My areas of interest are in the growth and decline of complex social and political systems, human responses to environmental change, landscape evolution, paleoclimate reconstruction, political economy, human uses of caves, and spatial analysis. Most of my research focuses on Mesoamerica and specifically in the Maya Lowlands. My current research is focused on human ecology of hunters and gatherers in the Maya Lowlands between 14,000-3,500 years ago. This is a new project begun in 2014.
Two of my recent projects involved looking at how complex polities colonize vacant landscapes and collaborative research into the development of behavioral ecology models of human-climate-landscape interactions for complex political and economic systems.
My teaching interests are in archaeology of complex societies, primarily Mesoamerica, social theory, and human behavioral ecology. While I am primarily an archaeologist I was trained as a four-field anthropologist. I strongly favor cross-field approaches in both teaching and research, and reaching across disciplines to engage in collaborative transdisciplinary research.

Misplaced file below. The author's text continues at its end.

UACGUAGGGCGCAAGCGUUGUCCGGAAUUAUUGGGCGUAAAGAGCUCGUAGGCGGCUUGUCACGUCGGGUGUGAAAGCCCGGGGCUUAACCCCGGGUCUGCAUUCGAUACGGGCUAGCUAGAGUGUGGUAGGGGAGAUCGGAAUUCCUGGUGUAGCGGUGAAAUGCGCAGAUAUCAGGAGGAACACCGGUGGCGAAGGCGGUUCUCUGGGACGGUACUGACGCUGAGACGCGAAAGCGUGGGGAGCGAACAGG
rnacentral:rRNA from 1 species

I am also interested in the history of anthropology, anthropology and public discourse, and bridging the sub-disciplines. I am a strong believer in the role of outreach in archaeology and in particular the reflexive responsibility of archaeology to communities in the promotion of heritage and ecological conservation initiatives.
For a list of publications and recent presentations, see Publications & Presentations
To read an extensive review of my two books on Mesoamerican cave use in the archaeological past and the ethnographic present Click Here